The continuation of constitutional government in NAZI-occupied Denmark, meant that the Danes retained control of the police. And to the emense frustration to the Germans, the Danish Government not only refused to cooperate, but adamently refused to order actions against Jews impleted everywhere else in NAZI-occupied Europe. This was not how Hutlkerc expected conquered people to behave. The NAZIs, after seizing control of the Government (August 1943) finally were in a position to round up Danish Jews. The NAZI occupation authoritiers planned a nation-wide round up all Danish Jews and to then send them to the nearby, fully operational death camps in Poland. The Danish people courageously came to the aid of their Jews. Advanced warning of the roundup was leaked to the underground. Thousands of Danes stepped up to hide Jews and help them escape to nearby Sweden. Before World War II there were 8,000 Jews in Denmark. They could have been dispatched in 1-2 days at Auschwitz-Birnenau if the SS could just get their hands on them. Miraculously 7,500 of them successfully managed to get to Sweden with the assistance of their non-Jewish countrymen (October 1943). The NAZIs only manage to capture a few. It was one of the few successful efforts to save Jews in NAZI-occupied Europe. It was only possiblle, however, because Sweden was so near and by this point in the War, the Swedes no longer had to fear a German invasion. The Danes not only got the Jews to Sweden, but looked after their homes and other property until liberation and they were able to return.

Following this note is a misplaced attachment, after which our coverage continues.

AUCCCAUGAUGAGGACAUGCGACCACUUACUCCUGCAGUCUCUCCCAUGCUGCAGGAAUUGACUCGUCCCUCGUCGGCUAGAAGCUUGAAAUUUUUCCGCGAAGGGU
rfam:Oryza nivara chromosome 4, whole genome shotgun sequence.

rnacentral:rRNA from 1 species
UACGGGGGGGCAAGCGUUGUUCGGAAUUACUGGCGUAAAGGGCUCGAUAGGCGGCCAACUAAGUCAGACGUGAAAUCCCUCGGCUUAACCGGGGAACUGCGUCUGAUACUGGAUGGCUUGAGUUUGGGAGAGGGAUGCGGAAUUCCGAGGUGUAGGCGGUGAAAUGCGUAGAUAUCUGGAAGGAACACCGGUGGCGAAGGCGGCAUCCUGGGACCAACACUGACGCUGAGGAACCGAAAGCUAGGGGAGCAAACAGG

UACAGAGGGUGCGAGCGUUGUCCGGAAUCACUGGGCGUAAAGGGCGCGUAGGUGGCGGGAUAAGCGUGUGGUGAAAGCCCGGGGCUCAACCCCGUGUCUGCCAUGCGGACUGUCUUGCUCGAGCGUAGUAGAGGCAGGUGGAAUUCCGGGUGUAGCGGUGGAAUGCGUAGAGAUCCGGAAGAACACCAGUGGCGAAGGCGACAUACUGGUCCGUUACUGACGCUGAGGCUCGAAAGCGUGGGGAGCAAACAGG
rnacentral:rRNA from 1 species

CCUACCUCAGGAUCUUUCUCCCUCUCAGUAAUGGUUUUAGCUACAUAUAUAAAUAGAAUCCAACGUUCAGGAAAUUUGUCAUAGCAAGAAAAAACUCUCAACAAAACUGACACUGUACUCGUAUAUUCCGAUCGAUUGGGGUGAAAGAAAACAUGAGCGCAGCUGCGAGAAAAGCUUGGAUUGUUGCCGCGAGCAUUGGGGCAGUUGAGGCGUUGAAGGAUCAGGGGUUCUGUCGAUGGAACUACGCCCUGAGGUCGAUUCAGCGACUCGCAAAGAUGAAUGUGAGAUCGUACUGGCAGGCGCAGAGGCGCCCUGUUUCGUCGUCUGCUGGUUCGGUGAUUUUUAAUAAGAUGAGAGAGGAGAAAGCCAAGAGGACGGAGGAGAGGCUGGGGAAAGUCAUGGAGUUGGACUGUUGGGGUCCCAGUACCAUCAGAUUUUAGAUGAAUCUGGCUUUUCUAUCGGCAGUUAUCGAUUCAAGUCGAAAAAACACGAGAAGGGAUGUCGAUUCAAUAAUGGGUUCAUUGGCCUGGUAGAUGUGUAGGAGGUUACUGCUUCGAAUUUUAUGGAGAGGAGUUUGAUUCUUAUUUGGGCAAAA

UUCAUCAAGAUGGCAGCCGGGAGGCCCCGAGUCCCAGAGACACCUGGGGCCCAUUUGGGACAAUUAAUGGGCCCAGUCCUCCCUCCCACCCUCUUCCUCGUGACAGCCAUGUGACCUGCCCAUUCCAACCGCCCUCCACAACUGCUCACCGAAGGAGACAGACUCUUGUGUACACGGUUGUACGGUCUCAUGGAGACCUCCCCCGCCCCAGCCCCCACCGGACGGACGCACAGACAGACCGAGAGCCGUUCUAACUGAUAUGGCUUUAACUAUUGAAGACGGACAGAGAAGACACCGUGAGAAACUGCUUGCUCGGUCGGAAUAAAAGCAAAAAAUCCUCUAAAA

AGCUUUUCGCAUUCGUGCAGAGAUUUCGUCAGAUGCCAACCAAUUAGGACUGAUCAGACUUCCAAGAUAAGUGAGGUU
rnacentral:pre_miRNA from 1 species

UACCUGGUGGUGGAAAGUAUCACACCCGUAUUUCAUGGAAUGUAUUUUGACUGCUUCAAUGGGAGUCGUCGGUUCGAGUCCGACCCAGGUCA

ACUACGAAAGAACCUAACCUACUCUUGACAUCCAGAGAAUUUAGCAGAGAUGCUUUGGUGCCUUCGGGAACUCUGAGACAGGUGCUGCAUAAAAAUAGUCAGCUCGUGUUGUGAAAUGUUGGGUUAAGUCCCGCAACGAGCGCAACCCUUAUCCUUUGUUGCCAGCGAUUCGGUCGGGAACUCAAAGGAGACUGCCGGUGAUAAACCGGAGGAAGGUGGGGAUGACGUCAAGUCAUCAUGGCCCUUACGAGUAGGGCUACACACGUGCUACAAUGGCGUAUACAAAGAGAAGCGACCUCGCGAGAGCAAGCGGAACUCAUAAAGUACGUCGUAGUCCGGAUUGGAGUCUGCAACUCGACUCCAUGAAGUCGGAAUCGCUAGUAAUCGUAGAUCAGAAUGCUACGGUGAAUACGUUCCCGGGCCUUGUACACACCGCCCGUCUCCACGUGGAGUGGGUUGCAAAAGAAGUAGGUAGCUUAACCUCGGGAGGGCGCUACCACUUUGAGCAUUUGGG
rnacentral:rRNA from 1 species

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Created: 12:20 AM 2/27/2016
Last updated: 12:20 AM 2/27/2016